Sports-related concussions and mild traumatic brain injuries have grabbed headlines in recent years, as the long-term damage they can cause becomes increasingly evident among both current and former athletes.
Despite the potentially devastating consequences of traumatic brain injury and the large number of athletes playing contact sports who may be at risk, no method has been developed for detecting the tangled web of tau protein in the brain that are the telltale sign of chronic traumatic encephalopathy, or C.T.E., - a degenerative condition associated with memory loss, confusion, progressive dementia, depression, suicidal behavior, personality changes, abnormal gait and tremors - while patients are alive. Up to now, the presence of the protein, which is also associated with Alzheimer's disease, could only be established posthumously by an autopsy.
In a groundbreaking new study,1 UCLA researchers, using a type of brain-scan called PET (short for positron emission tomography), were able for the first time to identify the abnormal tau proteins in five retired National Football League players. The distribution of tau in the retired players was consistent with the pattern found in autopsies of athletes diagnosed with C.T.E. after their deaths.
Researchers recruited five former NFL players for the study, all 45 years of age or older, who had played a range of positions, including linebacker, quarterback, guard, center and defensive lineman, over careers ranging from 10 to 16 years. Each had a history of one or more diagnosed concussions. Some were experiencing cognitive or mood symptoms.
The UCLA scientists gave the players intravenous injections of a chemical marker called FDDNP, which attaches to deposits of amyloid beta "plaques" and neurofibrillary tau "tangles," the hallmarks of Alzheimer's. The players then underwent PET scans, a brain-imaging tool developed at UCLA used to assess neurological changes associated with Alzheimer's disease.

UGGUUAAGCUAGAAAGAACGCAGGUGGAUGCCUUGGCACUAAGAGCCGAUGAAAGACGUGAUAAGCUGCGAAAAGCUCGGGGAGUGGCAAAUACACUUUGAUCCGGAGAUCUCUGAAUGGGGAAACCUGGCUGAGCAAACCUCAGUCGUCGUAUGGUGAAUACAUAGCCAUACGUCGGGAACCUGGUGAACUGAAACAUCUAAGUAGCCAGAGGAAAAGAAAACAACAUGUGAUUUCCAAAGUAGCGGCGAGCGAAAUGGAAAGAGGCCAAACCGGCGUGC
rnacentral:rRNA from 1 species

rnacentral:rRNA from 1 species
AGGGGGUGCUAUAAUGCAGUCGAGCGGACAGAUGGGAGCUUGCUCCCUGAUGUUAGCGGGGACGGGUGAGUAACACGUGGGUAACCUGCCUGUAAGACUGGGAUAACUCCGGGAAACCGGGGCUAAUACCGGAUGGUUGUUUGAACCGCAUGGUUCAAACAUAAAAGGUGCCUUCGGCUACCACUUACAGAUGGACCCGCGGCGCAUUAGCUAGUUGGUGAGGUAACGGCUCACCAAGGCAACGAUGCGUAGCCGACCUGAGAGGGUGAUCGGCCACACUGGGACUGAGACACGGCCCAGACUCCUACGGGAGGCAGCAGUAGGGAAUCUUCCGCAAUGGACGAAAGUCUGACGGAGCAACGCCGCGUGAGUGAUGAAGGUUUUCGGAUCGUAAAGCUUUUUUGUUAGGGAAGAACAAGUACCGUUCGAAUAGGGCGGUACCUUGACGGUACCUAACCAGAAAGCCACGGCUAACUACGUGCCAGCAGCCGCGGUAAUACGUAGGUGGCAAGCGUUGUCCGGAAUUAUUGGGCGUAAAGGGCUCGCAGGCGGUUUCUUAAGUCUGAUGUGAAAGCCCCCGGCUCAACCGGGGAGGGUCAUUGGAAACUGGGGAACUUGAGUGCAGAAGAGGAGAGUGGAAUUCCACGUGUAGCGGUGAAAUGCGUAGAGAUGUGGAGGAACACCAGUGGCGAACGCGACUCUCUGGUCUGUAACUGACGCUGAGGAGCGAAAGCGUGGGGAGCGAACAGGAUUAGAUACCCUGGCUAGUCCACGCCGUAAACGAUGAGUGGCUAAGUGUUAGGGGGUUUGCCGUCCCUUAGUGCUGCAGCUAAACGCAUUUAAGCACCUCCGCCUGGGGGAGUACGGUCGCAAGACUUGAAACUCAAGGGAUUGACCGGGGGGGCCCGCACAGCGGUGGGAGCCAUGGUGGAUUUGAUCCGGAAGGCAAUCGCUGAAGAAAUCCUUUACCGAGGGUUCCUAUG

The researchers found that, compared to healthy men of comparable age, education, body mass index and family history of dementia, the NFL players had elevated levels of FDDNP in regions of the brains which control learning, memory, behavior, emotions, and other mental and physical functions. Those players who had experienced a greater number of concussions were found to have higher FDDNP levels, which "suggests a link between the players' history of head injury and FDDNP binding," the researchers wrote.
Each of the research volunteers also received a standard clinical assessment to gauge their degree of depression and cognitive ability. The players had more depressive symptoms than the healthy men, and generally scored lower on the test of cognitive ability. Three players had mild cognitive impairment, one had dementia, and another had normal cognitive function.
"I hope that my participation in these kinds of studies will lead to a better understanding of the consequences of repeated head injury and new standards to protect players from sports concussions," said Wayne Clark, the player in the study who had normal cognitive function.